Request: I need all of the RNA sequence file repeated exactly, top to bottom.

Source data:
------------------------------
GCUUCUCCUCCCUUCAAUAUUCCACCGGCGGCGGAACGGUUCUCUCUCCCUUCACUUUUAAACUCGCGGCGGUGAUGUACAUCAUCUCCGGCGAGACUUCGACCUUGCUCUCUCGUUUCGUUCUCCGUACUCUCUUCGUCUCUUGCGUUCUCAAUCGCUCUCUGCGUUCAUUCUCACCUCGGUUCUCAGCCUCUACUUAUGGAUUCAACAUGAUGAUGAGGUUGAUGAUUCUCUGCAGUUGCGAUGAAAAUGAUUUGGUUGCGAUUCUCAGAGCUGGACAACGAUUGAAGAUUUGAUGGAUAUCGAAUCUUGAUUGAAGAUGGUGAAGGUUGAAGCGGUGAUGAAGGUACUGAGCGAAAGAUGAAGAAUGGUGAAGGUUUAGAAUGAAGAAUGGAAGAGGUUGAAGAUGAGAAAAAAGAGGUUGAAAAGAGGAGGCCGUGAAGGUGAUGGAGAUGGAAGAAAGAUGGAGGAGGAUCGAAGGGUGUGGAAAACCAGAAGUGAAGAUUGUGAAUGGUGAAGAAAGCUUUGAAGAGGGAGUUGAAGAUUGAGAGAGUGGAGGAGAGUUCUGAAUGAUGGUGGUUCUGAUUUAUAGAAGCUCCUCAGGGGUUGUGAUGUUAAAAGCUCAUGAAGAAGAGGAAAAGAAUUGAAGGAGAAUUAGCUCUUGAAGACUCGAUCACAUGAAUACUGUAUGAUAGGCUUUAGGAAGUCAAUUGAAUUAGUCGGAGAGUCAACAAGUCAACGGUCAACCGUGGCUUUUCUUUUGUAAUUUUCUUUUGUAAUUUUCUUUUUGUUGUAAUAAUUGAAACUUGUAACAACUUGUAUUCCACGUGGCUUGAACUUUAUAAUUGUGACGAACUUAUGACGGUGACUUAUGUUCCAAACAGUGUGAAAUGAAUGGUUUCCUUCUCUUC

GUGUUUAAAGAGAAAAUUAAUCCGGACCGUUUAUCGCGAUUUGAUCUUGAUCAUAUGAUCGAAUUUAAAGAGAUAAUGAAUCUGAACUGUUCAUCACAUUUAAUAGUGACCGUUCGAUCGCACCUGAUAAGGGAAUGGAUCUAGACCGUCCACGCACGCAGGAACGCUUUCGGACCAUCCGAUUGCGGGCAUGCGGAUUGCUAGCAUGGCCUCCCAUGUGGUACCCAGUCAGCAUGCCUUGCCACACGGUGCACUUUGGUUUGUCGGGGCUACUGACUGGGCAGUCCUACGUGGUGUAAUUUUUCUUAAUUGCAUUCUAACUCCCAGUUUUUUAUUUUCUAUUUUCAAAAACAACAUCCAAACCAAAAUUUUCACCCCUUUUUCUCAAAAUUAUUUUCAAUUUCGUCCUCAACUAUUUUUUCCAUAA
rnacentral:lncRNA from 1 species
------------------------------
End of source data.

GCUUCUCCUCCCUUCAAUAUUCCACCGGCGGCGGAACGGUUCUCUCUCCCUUCACUUUUAAACUCGCGGCGGUGAUGUACAUCAUCUCCGGCGAGACUUCGACCUUGCUCUCUCGUUUCGUUCUCCGUACUCUCUUCGUCUCUUGCGUUCUCAAUCGCUCUCUGCGUUCAUUCUCACCUCGGUUCUCAGCCUCUACUUAUGGAUUCAACAUGAUGAUGAGGUUGAUGAUUCUCUGCAGUUGCGAUGAAAAUGAUUUGGUUGCGAUUCUCAGAGCUGGACAACGAUUGAAGAUUUGAUGGAUAUCGAAUCUUGAUUGAAGAUGGUGAAGGUUGAAGCGGUGAUGAAGGUACUGAGCGAAAGAUGAAGAAUGGUGAAGGUUUAGAAUGAAGAAUGGAAGAGGUUGAAGAUGAGAAAAAAGAGGUUGAAAAGAGGAGGCCGUGAAGGUGAUGGAGAUGGAAGAAAGAUGGAGGAGGAUCGAAGGGUGUGGAAAACCAGAAGUGAAGAUUGUGAAUGGUGAAGAAAGCUUUGAAGAGGGAGUUGAAGAUUGAGAGAGUGGAGGAGAGUUCUGAAUGAUGGUGGUUCUGAUUUAUAGAAGCUCCUCAGGGGUUGUGAUGUUAAAAGCUCAUGAAGAAGAGGAAAAGAAUUGAAGGAGAAUUAGCUCUUGAAGACUCGAUCACAUGAAUACUGUAUGAUAGGCUUUAGGAAGUCAAUUGAAUUAGUCGGAGAGUCAACAAGUCAACGGUCAACCGUGGCUUUUCUUUUGUAAUUUUCUUUUGUAAUUUUCUUUUUGUUGUAAUAAUUGAAACUUGUAACAACUUGUAUUCCACGUGGCUUGAACUUUAUAAUUGUGACGAACUUAUGACGGUGACUUAUGUUCCAAACAGUGUGAAAUGAAUGGUUUCCUUCUCUUC

GUGUUUAAAGAGAAAAUUAAUCCGGACCGUUUAUCGCGAUUUGAUCUUGAUCAUAUGAUCGAAUUUAAAGAGAUAAUGAAUCUGAACUGUUCAUCACAUUUAAUAGUGACCGUUCGAUCGCACCUGAUAAGGGAAUGGAUCUAGACCGUCCACGCACGCAGGAACGCUUUCGGACCAUCCGAUUGCGGGCAUGCGGAUUGCUAGCAUGGCCUCCCAUGUGGUACCCAGUCAGCAUGCCUUGCCACACGGUGCACUUUGGUUUGUCGGGGCUACUGACUGGGCAGUCCUACGUGGUGUAAUUUUUCUUAAUUGCAUUCUAACUCCCAGUUUUUUAUUUUCUAUUUUCAAAAACAACAUCCAAACCAAAAUUUUCACCCCUUUUUCUCAAAAUUAUUUUCAAUUUCGUCCUCAACUAUUUUUUCCAUAA
rnacentral:lncRNA from 1 species